I couldn’t see any active flames amid pockets of wispy smoke. One sight made me worried and provided a grim clue of the chaos of approaching fire: Charred vehicles in the road along Front Street. They weren’t parked on the side of the road. Were drivers actively trying to flee and couldn’t? What happened to them? I’m also a former wildland firefighter. I observed that the area of fire out in the trees and brush seemed very small compared to the amount of the town that was burned.

What seemed to be a large majority of the fire was in the town itself. I’m used to seeing something like a 300,000 acre-fire burning down a little town. But this looked to me like a small wildland fire that exploded as it hit homes and businesses. The fire’s reach extended to the ocean. I could see burned ships out in the water, which made me ponder the force of ember-carrying winds. From above, I also didn’t expect to see people. Here and there, people were walking around, seeming to begin assessing the devastation. Now that officials say the Lahaina fire is 80% contained, perhaps we’ll start to see that more than ash gray remains.”

– Ty O’Neil, AP Journalist

The Lahaina Historic District is home to more than 60 historic sites, according to the Advisory Council on Historic Preservation. A National Historic Landmark since 1962, it encompasses more than 16,000 acres (6,500 hectares) and covers ocean waters stretching a mile (1.6 kilometers) offshore from the storied buildings.

For Native Hawaiians, the town is a connection to their ancestors. Lahainaluna High School was where royalty and chiefs were educated, and also where Kamehameha and his Council of Chiefs drafted the first Declaration of Rights of the People and the Constitution for the Hawaiian Kingdom.

“From going from an absolute monarchy to a constitutional monarchy, the ruling chiefs in and around Lahaina and those educated at Lahainaluna played very prominent roles in our governance at that time,” McGregor said.

The capital was moved to Honolulu in 1845, but Lahaina’s palace remained a place where royalty would visit. Lahaina also has a rich history of whaling, with more than 400 ships a year visiting for weeks at a time in the 1850s. Crew members sometimes clashed with missionaries on the island.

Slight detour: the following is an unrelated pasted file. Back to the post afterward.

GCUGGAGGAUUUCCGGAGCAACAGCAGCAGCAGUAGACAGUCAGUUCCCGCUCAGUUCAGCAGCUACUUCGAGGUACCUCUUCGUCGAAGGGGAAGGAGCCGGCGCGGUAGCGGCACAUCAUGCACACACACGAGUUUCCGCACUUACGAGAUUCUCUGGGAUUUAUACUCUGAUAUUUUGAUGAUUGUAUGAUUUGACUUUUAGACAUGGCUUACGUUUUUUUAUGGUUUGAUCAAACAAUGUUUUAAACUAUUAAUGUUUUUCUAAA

Sugar plantations and fishing boosted the economy over the decades, but tourism is the main driver now. Nearly 3 million visitors came to Maui last year, and many of them come to the historic town.

The fire is “just going to change everything,” said Lee Imada, who worked at the Maui News for 39 years, including the last eight as managing editor until his retirement in 2020. “It’s just hard to register, even right now, what the full impact of this is going to be.”

Imada lives in Waikapu, on Maui, but has ancestral ties to Lahaina going back generations. His mother’s family owned a chain of popular general stores, and his granduncles ran the location on Front Street until it closed around 60 years ago.

He recalled walking down Front Street among the tourists as they shopped or ate, looking at the banyan tree, and enjoying the beautiful ocean views from the harbor.

“It’s just sort of hard to believe that it’s not there,” Imada said. “Everything that I remember the place to be is not there anymore.”

Mark Thiessen, Audrey Mcavoy, and MI Staff

Associated Press


Rick Bowmer (AP), Matthew Thayer (AP), and Ty O’Neil (AP)